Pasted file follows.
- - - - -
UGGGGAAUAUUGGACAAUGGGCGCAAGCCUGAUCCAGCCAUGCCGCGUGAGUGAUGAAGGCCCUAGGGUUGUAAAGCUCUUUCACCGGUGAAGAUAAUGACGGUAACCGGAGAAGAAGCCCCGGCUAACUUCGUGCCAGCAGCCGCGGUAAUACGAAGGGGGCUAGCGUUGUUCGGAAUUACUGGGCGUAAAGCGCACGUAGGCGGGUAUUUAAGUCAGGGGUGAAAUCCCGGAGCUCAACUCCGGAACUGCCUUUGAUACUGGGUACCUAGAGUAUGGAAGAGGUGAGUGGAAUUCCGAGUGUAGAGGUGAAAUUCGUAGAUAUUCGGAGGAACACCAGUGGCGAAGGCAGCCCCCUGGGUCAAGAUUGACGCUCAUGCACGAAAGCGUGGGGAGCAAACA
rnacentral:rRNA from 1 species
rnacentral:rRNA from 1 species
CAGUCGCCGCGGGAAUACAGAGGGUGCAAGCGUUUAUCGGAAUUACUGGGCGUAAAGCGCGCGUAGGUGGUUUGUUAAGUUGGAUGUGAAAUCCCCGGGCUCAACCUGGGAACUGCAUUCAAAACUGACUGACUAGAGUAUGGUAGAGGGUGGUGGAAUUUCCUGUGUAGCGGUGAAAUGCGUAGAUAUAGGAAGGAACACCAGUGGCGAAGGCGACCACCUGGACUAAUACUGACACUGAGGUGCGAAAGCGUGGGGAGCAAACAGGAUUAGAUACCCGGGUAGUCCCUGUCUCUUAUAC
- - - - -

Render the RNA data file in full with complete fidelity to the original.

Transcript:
UGGGGAAUAUUGGACAAUGGGCGCAAGCCUGAUCCAGCCAUGCCGCGUGAGUGAUGAAGGCCCUAGGGUUGUAAAGCUCUUUCACCGGUGAAGAUAAUGACGGUAACCGGAGAAGAAGCCCCGGCUAACUUCGUGCCAGCAGCCGCGGUAAUACGAAGGGGGCUAGCGUUGUUCGGAAUUACUGGGCGUAAAGCGCACGUAGGCGGGUAUUUAAGUCAGGGGUGAAAUCCCGGAGCUCAACUCCGGAACUGCCUUUGAUACUGGGUACCUAGAGUAUGGAAGAGGUGAGUGGAAUUCCGAGUGUAGAGGUGAAAUUCGUAGAUAUUCGGAGGAACACCAGUGGCGAAGGCAGCCCCCUGGGUCAAGAUUGACGCUCAUGCACGAAAGCGUGGGGAGCAAACA
rnacentral:rRNA from 1 species
rnacentral:rRNA from 1 species
CAGUCGCCGCGGGAAUACAGAGGGUGCAAGCGUUUAUCGGAAUUACUGGGCGUAAAGCGCGCGUAGGUGGUUUGUUAAGUUGGAUGUGAAAUCCCCGGGCUCAACCUGGGAACUGCAUUCAAAACUGACUGACUAGAGUAUGGUAGAGGGUGGUGGAAUUUCCUGUGUAGCGGUGAAAUGCGUAGAUAUAGGAAGGAACACCAGUGGCGAAGGCGACCACCUGGACUAAUACUGACACUGAGGUGCGAAAGCGUGGGGAGCAAACAGGAUUAGAUACCCGGGUAGUCCCUGUCUCUUAUAC